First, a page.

In order to delimit the realm of social phenomena, sociologists refer implicitly or explicitly to a distinction between living human beings and other entities, that is, sociologists equate the social world with the world of living humans. This consensus has been questioned by only a few authors, such as Luckmann, and some scholars of science studies. According to these approaches, it would be ethnocentric to treat as self-evident the premise that only living human beings can be (...) actors. The methodological consequence of such critique is a radical deanthropologization of sociological research. It must be considered an open question whether or not only living human can be social actors. The paper starts with a discussion of the methodological problems posed by such an analysis of the borders of the social world, and presents the results of an empirical analysis of these borders in the fields of intensive care and neurological rehabilitation. Within these fields it must be determined whether a body is a living human body or a symbol using human body. The analysis of these elementary border phenomena challenges basic sociological concepts. The relevant contemporary sociological theories refer to a dyadic constellation as the systematic starting point of their concept of sociality. The complex relationship between at least two entities is understood as the basis of the development of a novel order that functions as a mediating structure between the involved parties. Based upon empirical data, I argue that it is necessary to change this foundational assumption. Not the dyad but the triad must be understood as the foundational constellation. This implies a new understanding of the third actor, which is distinct from the concepts developed by Simmel and Berger and Luckmann. (shrink)
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  38.  21
    David Peterson (2012). Where the Sidewalk Ends: The Limits of Social Constructionism. Journal for the Theory of Social Behaviour 42 (4):465-484.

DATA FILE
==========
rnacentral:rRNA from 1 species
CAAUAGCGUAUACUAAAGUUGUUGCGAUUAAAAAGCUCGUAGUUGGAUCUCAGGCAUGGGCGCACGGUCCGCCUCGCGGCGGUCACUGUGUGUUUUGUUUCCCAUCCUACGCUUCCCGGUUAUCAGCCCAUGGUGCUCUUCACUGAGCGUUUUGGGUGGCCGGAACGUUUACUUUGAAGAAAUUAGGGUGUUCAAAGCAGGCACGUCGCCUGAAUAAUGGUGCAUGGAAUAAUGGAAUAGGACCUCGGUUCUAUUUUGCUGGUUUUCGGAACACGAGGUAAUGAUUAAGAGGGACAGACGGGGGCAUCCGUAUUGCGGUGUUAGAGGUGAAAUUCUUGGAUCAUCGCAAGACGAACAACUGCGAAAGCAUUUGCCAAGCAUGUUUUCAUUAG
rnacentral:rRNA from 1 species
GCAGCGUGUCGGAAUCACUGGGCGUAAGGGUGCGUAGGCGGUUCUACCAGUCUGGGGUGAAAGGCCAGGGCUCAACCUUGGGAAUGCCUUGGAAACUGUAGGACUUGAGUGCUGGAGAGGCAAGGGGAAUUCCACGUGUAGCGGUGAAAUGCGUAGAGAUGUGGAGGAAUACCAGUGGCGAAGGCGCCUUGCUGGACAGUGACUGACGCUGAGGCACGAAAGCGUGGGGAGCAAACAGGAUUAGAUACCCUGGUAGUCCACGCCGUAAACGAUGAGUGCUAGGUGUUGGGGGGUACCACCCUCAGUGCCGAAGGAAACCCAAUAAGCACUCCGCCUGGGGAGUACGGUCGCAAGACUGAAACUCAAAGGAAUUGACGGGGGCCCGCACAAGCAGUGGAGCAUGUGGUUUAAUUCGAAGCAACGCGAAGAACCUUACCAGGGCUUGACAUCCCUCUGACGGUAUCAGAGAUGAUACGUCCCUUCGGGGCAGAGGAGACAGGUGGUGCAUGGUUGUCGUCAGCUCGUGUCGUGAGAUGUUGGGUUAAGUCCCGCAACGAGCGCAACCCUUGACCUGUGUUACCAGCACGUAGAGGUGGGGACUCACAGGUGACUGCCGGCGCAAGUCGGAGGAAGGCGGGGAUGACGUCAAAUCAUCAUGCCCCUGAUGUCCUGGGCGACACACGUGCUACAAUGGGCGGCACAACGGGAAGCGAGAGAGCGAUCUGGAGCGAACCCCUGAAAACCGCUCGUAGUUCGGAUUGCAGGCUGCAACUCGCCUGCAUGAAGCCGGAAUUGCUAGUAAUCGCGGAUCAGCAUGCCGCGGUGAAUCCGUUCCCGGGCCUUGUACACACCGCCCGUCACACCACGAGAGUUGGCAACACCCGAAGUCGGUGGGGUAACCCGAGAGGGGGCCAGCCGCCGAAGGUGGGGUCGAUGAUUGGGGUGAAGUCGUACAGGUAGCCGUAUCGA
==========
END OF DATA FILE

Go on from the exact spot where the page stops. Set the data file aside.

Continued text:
The sociology of knowledge is a heterogeneous set of theories which generally focuses on the social origins of meaning. Strong arguments, epitomized by Durkheim's late work, have hypothesized that the very concepts our minds use to structure experience are constructed through social processes. This view has come under attack from theorists influenced by recent work in developmental psychology that has demonstrated some awareness of these categories in pre-socialized infants. However, further studies have shown that the innate (...)
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  39.  9
    Susana Batel & Paula Castro (2009). A Social Representations Approach To The Communication Between Different Spheres: An Analysis Of The Impacts Of Two Discursive Formats. Journal for the Theory of Social Behaviour 39 (4):415-433.
    This paper discusses the potential of the notions of reification and consensualization as developed by the theory of social representations as analytical tools for addressing the communication between the lay and scientific spheres. Social Representations Theory started by offering an over-sharp distinction between the reified and the consensual universes of which science and common sense, respectively, were presented as paradigmatic. This paper, however, suggests that the notions of consensual and reified can be considered as describing two (...)
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  40. Italo Testa (2011). Social Space and the Ontology of Recognition. In Heikki Ikäheimo Arto Laitinen (ed.), Recognition and Social Ontology. Brill Books (Pp. 287-308)
    In this paper recognition is taken to be a question of social ontology, regarding the very constitution of the social space of interaction. I concentrate on the question of whether certain aspects of the theory of recognition can be translated into the terms of a socio-ontological paradigm: to do so, I make reference to some conceptual tools derived from John Searle's social ontology and Robert Brandom's normative pragmatics. My strategy consists in showing that recognitive (...)
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  41.  13
    Nuno Martins (2009). Rules, Social Ontology and Collective Identity. Journal for the Theory of Social Behaviour 39 (3):323-344.
    Mainstream game theory explains cooperation as the outcome of the interaction of agents who permanently pursue their individual goals. Amartya Sen argues instead that cooperation can only be understood by positing a type of rule-following behaviour that can be out of phase with the pursuit of individual goals, due to the existence of a collective identity. However, Sen does not clarify the ontological preconditions for the type of social behaviour he describes. I will argue that Sen's account of (...)
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  42.  13
    Peter Corning (2015). The Science of Human Nature and the Social Contract. Cosmos and History: The Journal of Natural and Social Philosophy 11 (1):15-40.
    800x600 One of the most important political challenges of our time - indeed of all times - is social justice. It was first addressed as a philosophical issue in Plato's great dialogue, the _Republic_, and it has been a continuing theme in the "tradition of discourse" ever since. As I will argue, Plato's analysis and conclusions represent a sound foundation and a starting point for advancing a new social justice paradigm that is undergirded by the emerging, (...)